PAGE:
Educational by Chapter of the Powered Paragliding Bible

I: First Flight

01 Training Process

02 Gearing Up

03 Handling the Wing

04 Prep For 1st Flight

05 The Flight

06 Flying With Wheels 

II: Spreading Wings

07 Weather Basics

08 The Law

09 Airspace   

10 Flying Anywhere

11 Controlled Airports

12 Setup & Mx

13 Flying Cross Country

14 Flying With Others

III: Mastery

15 Adv Ground Handling

16 Precision Flying

17 Challenging Sites

18 Advanced Maneuvers

19 Risk Management

20 Competition

21 Free Flight Transition

IV: Theory

22 Aerodynamics

23 Motor & Propeller

24 Weather & Wind

25 Roots: Our History

V: Choosing Gear

26 The Wing

27 The Motor Unit

28 Accessories

29 Home Building

VI: Getting the Most

30 Other Uses

31 Traveling With Gear

32 Photography

--- Not in book ---

33 Organizing Fly-Ins

34 Places To Fly

35 Preserving the Sport

36 Tandem

Chap 15: Flying Backwards  High Wind Kiting  Light Wind Reverse  Light Wind (Cross Armed)  Crosswind Takeoff  Video of Possibilities

Crosswind Takeoff

June 17, 2006, Section III Mastering the Sport, Chapter 15 | See also Forward Launches

Crosswind launch  Nailing Every Landing  Analyzing the Forward Launch  Analyzing the Reverse Launch  The Bump Scale

You've got a site with this perfect run beside a driveway. It's long, there are no obstructions except line snagging beans to your left and right. But it's crosswind. What to do?

This situation has come up in my flying a lot, especially since I deplore taking off over water at beaches. If there's enough room on the beach, inflate into the wind then turn to launch along the beach. That way, if your trusty thruster coughs unexpectedly, you can simply land straight ahead and dry. But if the beach is narrow, this technique may help.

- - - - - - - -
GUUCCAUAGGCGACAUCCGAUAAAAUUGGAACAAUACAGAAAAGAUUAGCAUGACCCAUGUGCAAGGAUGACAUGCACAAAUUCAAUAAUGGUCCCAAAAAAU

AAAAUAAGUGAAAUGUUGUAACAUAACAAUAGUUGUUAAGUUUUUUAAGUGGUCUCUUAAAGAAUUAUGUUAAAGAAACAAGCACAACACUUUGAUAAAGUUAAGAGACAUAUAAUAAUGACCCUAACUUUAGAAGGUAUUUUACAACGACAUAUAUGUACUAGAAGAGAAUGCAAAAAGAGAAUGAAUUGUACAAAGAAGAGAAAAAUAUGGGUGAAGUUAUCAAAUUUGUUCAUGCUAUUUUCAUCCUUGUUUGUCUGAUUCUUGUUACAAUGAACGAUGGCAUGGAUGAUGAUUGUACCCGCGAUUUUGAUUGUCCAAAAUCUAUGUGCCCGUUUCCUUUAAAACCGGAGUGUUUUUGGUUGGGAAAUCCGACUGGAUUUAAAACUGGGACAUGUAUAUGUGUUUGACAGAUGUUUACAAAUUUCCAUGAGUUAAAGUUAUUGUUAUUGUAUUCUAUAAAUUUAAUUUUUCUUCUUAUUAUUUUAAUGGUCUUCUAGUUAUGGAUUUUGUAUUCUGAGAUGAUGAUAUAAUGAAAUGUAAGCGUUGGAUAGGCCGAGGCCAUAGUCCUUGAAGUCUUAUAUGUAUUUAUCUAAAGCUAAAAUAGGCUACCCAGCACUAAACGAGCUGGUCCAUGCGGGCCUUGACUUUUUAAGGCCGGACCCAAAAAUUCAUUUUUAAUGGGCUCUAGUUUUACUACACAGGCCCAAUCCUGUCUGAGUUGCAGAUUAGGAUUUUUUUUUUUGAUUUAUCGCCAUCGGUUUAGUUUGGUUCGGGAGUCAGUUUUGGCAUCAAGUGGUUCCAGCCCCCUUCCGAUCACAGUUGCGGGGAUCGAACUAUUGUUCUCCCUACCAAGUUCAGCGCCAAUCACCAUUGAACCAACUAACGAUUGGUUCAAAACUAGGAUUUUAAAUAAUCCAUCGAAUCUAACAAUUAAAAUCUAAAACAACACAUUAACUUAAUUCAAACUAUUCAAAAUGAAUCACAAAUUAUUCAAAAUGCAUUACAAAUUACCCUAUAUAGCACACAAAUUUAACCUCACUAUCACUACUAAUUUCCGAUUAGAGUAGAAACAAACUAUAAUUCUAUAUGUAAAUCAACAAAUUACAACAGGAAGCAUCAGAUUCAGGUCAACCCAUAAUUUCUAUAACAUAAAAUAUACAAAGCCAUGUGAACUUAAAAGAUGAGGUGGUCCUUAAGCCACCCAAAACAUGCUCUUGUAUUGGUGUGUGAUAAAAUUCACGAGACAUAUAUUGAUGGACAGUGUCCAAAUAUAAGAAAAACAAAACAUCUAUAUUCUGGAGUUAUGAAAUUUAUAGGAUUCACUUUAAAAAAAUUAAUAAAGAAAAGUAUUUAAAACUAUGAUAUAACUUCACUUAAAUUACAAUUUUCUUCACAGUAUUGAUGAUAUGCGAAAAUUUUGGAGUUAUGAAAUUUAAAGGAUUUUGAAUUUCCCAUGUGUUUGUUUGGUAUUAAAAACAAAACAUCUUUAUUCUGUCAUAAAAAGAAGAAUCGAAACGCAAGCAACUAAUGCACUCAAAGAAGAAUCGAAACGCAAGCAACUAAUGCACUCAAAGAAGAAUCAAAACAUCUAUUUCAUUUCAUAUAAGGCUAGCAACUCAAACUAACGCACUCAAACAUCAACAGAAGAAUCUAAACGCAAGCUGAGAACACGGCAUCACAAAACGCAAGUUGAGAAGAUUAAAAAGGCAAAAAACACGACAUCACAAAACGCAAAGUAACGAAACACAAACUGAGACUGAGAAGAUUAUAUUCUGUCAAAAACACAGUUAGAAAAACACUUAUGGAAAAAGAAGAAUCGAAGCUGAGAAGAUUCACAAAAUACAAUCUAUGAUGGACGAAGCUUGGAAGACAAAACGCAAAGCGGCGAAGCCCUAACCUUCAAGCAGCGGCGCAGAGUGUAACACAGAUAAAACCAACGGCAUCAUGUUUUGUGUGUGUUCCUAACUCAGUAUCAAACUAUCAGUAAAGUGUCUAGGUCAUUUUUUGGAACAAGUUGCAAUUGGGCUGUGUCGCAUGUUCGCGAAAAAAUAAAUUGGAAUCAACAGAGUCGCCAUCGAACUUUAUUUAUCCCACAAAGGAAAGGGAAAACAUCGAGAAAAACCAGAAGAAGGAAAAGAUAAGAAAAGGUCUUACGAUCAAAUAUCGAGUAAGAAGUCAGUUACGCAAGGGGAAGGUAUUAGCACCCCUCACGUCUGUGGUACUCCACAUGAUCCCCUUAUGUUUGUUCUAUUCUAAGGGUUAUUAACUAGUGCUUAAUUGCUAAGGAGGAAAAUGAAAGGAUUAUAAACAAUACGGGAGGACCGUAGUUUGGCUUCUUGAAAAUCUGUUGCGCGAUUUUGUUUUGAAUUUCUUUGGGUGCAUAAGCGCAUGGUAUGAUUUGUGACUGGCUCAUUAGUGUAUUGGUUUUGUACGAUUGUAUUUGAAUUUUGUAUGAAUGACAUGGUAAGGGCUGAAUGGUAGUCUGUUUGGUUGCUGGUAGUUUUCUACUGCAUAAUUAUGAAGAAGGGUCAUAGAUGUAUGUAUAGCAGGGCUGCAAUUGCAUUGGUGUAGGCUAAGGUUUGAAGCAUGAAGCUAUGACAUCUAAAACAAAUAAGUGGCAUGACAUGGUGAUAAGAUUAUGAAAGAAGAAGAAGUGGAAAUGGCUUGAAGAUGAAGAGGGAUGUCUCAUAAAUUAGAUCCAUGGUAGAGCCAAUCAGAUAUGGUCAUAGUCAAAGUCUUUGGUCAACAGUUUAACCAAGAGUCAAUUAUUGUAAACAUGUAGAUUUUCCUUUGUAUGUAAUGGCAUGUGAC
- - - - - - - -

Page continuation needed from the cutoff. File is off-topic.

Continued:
Launching from a road may require this method.

It relies on the fact that if you lay out perfect in a calm wind but start your run to the right, the wing tends to come up crooked and flops over to the right. Likewise, if you takeoff with a left crosswind, the right side of the wing catches air first and flops over to the left. We'll use those forces to counteract each other.

The example below is a north launch, down an abandoned road, in a light west wind. 

Lay out the wing as you would if launching north in no wind -- the tips will be over the edges of the road and the wing's centerline covering the road's centerline.  The launch is like any other forward  except that instead of running north down the centerline, run a few degrees to the right (east) toward the downwind edge of the road. 

As the wing comes up it will get blown over to the right AND start to turn into the wind. You may have to turn into the wind (toward the upwind or left side of the road) a little, accelerate then steer back down the road. As you run down the road, accelerating, the wing will be crabbed left and trying to twist you left as it lifts. This is a likely time to fall, be careful! You can counteract this twisted run by accelerating a few more steps then popping up with some brake application.

I wouldn't recommend trying this unless you're very consistent at successful launches and even then be willing to take on a greater risk.

Good luck!

PanoXwind.jpg (50213 bytes)
Of course it's always best to takeoff and land into the wind, but sometimes you just can't. During this launch, the wind was coming immediately from the pilots left—exactly perpendicular to the launch path.

Chapter 15 covers crosswind launches. This was an experiment to photograph that technique in a way that could be printed clearly. This is intended for launching off the wind due to site limitations, such as driveways, where you can't always line up into the wind.

Note: It it's ever this  windy (5-8 mph) then just pull the wing up in a reverse and steer down the road. That is safer and more reliable. This demo was done strictly to photograph the method in a way that would make it more obvious.

Photos by Tim Kaiser.

© 2016 Jeff Goin & Tim Kaiser   Remember: If there's air there, it should be flown in!